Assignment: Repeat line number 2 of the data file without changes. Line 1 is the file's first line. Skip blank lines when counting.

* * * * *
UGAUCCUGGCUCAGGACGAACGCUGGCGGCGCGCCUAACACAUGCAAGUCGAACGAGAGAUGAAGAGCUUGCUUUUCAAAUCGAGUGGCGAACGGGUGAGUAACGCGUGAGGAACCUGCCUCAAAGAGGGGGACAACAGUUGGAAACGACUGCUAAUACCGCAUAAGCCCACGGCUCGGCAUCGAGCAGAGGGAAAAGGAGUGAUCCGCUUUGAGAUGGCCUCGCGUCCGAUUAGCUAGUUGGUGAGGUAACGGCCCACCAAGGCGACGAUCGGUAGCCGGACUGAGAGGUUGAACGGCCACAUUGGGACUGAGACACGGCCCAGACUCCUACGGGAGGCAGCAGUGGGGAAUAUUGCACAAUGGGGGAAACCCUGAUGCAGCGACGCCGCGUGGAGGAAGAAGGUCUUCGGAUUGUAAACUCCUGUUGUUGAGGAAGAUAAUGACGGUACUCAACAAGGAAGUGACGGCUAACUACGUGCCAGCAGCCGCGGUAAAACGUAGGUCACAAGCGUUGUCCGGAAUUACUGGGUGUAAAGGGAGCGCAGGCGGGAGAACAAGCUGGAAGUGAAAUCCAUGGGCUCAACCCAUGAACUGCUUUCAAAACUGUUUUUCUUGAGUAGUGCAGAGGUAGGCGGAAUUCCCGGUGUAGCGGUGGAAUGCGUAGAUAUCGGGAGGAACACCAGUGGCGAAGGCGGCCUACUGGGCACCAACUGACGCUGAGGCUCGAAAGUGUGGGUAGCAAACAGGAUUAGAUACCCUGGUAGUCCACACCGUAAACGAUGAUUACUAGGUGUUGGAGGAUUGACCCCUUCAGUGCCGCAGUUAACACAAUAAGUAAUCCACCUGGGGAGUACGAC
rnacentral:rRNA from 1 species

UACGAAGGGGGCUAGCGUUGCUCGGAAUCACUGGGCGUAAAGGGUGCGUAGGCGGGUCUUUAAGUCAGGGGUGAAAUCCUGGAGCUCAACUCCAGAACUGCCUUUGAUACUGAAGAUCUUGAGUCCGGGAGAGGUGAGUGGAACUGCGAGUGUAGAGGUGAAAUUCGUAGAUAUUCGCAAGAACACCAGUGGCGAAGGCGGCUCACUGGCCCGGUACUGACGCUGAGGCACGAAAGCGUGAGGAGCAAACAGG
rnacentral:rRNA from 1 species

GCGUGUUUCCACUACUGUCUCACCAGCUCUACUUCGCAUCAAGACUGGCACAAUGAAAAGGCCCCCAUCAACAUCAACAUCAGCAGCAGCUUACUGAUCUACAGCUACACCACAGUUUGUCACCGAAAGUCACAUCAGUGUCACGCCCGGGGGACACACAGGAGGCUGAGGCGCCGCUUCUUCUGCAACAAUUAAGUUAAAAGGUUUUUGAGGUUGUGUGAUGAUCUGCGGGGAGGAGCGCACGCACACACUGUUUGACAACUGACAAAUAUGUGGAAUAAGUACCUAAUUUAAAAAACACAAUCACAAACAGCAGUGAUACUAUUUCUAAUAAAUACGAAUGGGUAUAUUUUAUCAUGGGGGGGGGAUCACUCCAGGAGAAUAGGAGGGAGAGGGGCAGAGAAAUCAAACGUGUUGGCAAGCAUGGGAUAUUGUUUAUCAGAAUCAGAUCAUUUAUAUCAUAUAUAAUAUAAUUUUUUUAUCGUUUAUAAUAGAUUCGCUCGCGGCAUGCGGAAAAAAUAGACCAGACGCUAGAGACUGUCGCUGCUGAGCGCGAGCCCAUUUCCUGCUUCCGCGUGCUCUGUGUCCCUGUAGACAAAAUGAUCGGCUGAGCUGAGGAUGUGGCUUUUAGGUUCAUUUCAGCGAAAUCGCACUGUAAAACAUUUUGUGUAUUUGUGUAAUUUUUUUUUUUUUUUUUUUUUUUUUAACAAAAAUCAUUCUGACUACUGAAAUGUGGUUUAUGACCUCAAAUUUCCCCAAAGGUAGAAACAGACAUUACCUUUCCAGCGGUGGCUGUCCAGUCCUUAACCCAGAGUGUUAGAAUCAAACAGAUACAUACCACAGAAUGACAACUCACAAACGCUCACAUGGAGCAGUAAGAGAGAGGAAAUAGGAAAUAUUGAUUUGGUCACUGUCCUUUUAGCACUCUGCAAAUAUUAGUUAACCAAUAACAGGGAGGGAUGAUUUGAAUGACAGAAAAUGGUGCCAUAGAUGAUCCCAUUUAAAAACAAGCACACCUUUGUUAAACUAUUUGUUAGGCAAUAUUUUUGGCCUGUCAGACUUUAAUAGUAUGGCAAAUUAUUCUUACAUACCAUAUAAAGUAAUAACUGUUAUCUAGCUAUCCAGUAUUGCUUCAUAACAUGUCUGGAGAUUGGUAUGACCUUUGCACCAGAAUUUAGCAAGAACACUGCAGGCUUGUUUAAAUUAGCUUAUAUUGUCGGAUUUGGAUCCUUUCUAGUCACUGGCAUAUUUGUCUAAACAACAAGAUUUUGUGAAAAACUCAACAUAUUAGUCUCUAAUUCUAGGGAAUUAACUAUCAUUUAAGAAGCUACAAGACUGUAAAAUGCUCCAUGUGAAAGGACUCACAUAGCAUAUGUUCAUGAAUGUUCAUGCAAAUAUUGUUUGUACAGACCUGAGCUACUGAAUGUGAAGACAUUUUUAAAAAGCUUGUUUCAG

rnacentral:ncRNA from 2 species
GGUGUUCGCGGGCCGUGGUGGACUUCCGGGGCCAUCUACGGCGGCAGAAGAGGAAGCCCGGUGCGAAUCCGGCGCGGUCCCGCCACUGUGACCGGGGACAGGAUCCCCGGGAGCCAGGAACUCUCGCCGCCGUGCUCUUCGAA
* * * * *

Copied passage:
rnacentral:rRNA from 1 species